Brianhe / Wikimedia - tinyurl.com/zmpz86k

As majority Democrats in the Washington Legislature lay the groundwork for tax increases to fund the next two-year budget, minority Republicans are jumping out ahead by releasing their own tax-averse budget blueprints.

The plans unveiled by House and Senate Republicans in recent days have no chance of passing the Democratically-controlled Legislature, but do offer alternative sets of spending priorities. The budget frameworks also allow Republicans to draw a philosophical line in the sand around new and higher taxes.

Courtesy of Franklin County, Wash.

In southeast Washington, the welfare of more than 50,000 head of cattle is worrying Tyson Fresh Meats

Can the herd continue to be fed and cared for while the company set up to guard over them, Easterday Ranches, files for federal bankruptcy?

Washington State Parks

Changes to a plan that would allow covert Navy training at certain Washington State Parks are further angering some park goers.

Office of Insurance Commissioner

How much you pay for auto, home and renters insurance depends a lot on your credit score. If your credit is good, you tend to pay less. If it’s not so good, you likely pay more.

Now, Washington Insurance Commissioner Mike Kreidler wants to ban the use of credit-based insurance scoring to set rates. He says it’s a matter of racial justice. 

Tom Banse / NW News Network

Rescheduled fall sports seasons for high school athletes are kicking off this month in large parts of Washington state and Oregon. The general happiness this brought came with a dose of consternation among some coaches and families over strict COVID-19 safety guidelines set down by state health authorities.

Courtesy of Easterday Farms' public Facebook page

Updated Monday, Feb. 8, 2021, 5 p.m. PT

The Easterday family spread unfurls across the Columbia Basin — yawning onion farms, massive potato sheds, huge swaths of ground cut into pens for cattle and a fleet of employee vehicles and tractors. 

But the Easterday family has other assets: A million-dollar house in Phoenix and a private plane and hangar. 

Courtesy: TVW

“Inconsistent.” “Disastrous.” “Senseless.” Those are just some of the words being used to describe Washington Gov. Jay Inslee’s plan for reopening the state – and they’re the words of his fellow Democrats. It’s a sign of rising frustration over the slow pace of getting restaurants, gyms and other businesses open again.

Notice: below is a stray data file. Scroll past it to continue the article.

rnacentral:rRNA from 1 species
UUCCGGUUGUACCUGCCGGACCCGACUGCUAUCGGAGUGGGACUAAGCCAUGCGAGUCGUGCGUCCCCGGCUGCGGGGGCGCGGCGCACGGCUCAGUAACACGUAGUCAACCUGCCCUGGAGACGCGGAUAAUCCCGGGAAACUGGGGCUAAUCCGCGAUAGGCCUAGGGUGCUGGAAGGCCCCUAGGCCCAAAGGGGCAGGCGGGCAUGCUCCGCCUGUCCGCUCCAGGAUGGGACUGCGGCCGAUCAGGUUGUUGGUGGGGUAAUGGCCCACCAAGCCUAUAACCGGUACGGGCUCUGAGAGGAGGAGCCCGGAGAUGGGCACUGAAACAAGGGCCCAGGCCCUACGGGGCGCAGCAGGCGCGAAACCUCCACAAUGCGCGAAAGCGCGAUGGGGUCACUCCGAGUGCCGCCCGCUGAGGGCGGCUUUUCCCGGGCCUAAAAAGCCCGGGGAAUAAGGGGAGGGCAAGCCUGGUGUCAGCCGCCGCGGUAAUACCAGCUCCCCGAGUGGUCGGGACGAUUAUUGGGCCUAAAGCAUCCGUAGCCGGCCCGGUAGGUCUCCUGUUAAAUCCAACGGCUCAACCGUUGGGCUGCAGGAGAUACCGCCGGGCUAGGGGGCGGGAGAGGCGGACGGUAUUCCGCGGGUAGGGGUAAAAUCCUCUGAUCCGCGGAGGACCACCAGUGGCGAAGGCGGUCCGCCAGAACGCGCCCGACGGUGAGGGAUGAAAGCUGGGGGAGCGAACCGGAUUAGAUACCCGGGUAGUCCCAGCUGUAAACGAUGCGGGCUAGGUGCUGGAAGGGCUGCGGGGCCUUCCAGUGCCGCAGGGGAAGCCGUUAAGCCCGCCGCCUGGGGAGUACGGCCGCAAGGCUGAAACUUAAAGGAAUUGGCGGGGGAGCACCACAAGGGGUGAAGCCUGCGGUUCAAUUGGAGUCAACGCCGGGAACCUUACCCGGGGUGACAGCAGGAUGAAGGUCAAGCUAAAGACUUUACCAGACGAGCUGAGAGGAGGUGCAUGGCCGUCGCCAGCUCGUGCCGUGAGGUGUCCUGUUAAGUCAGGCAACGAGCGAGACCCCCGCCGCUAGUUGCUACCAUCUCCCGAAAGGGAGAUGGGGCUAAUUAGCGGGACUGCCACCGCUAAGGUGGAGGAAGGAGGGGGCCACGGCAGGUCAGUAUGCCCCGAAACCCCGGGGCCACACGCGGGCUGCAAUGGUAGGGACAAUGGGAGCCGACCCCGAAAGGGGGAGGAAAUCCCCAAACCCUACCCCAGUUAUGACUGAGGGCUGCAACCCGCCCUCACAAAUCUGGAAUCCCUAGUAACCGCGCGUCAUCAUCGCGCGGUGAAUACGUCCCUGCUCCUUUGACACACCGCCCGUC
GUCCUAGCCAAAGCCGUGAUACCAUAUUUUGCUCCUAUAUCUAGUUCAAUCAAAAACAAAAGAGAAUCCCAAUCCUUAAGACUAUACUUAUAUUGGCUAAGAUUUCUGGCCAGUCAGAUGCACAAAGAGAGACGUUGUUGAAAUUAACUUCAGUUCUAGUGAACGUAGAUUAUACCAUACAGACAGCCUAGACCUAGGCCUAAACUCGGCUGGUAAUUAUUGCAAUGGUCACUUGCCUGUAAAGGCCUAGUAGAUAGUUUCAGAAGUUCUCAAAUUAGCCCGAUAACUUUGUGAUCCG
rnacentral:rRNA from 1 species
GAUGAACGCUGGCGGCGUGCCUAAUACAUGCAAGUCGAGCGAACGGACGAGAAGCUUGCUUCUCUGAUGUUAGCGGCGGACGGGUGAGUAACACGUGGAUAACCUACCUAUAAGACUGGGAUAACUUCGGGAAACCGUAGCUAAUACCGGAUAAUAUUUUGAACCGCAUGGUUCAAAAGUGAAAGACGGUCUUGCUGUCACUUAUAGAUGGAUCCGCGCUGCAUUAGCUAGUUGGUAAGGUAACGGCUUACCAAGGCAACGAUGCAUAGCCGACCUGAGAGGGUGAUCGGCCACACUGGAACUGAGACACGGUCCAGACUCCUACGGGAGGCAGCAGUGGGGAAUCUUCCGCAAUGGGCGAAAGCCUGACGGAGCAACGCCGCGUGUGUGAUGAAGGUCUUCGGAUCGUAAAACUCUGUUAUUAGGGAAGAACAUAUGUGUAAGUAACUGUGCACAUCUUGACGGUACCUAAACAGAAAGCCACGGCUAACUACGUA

From the start of the pandemic, Governor Inslee faced criticism from conservatives upset about his mask mandate and stay home order. But over the last week, there’s been a noticeable shift. Now members of Inslee’s own party are assailing him.

Courtesy of Nicole Berg

The case of so-called modern-day cattle rustling in southeastern Washington is getting more complex by the day. 

Now, Easterday Ranches has filed for bankruptcy in federal court. 

NWIFC, 2007/Glenn Drosendahl

Leaders of seven Pacific Northwest tribes testified this week in favor of replacing a statue of Oregon Trail pioneer and missionary Marcus Whitman in the U.S. Capitol. A proposal pending in the Washington Legislature would install a statue of the late Native rights activist Billy Frank Jr. in Whitman's place of honor.

Screenshot of Forbes real-time billionaires web page

Washington billionaires would pay a “wealth tax” under a proposal in the state House that will get a public hearing on Tuesday.

The bill is sponsored by Democratic state Rep. Noel Frame, who chairs the House Finance Committee, and would impose a one percent tax on intangible financial property, such as stocks and bonds, futures contracts and publicly traded options. A billionaire’s first $1 billion in “taxable worldwide wealth” would be exempt.

Austin Jenkins / NW News Network

This year, the Washington State Legislature has welcomed a record number of lawmakers of color, including a record number of Black lawmakers who are all Democrats.

Courtesy of Franklin County, Washington

In a deepening cattle war, Easterday Ranches, Inc. has sold its so-called “North Lot” property in Franklin County, Washington, to a beef competitor of Tyson Fresh Meats, Inc.

Washington State Parks

Washington state has approved a request to use multiple Washington state parks to train Navy SEALs. But the move Thursday came with significant amendments to what the Navy requested. 

The permits would expand the five parks previously used for Navy SEAL training to 16 or 17. The Navy had requested access to 28 state parks as a way to diversify its training sites. Officials had said a small number of sites can become too familiar to trainees overtime.

The commissioners called their move “difficult,” “hard” and “probably the toughest decision” of a 10-year commission career.

Austin Jenkins / Northwest News Network

Gov. Jay Inslee on Thursday announced adjustments to his phased reopening plan that will allow two western Washington regions, comprising seven counties and nearly 60 percent of the state’s population, to move to Phase 2 beginning on Monday.

Tom Banse / NW News Network

You may be used to hearing a pushy car salesperson ask the timeless question, "What can I do to get you in this car?" But one big thing could be different in Washington state a decade from now. Proposals introduced this winter in the Washington Legislature would end sales of new gasoline-powered cars in the state by 2030.

The Democrat-backed proposals face opposition from Republicans, the oil industry and auto manufacturers. A prior version failed to advance out of committee in Olympia last session and the inside politics do not appear to have changed substantially since. However, the concept is catching on in a few other states and in countries overseas.

Courtesy of Franklin County, Wash.

It’s a modern-day rustling case. 

A major Washington state cattle operator allegedly “fed” more than 200,000 head of cattle that didn’t exist for years. Now Tyson Fresh Meats, Inc is suing. 

Tyson says in a lawsuit filed in Franklin County Superior Court this week that its losses are more than $225 million. The losses are from false cattle sales and feed costs.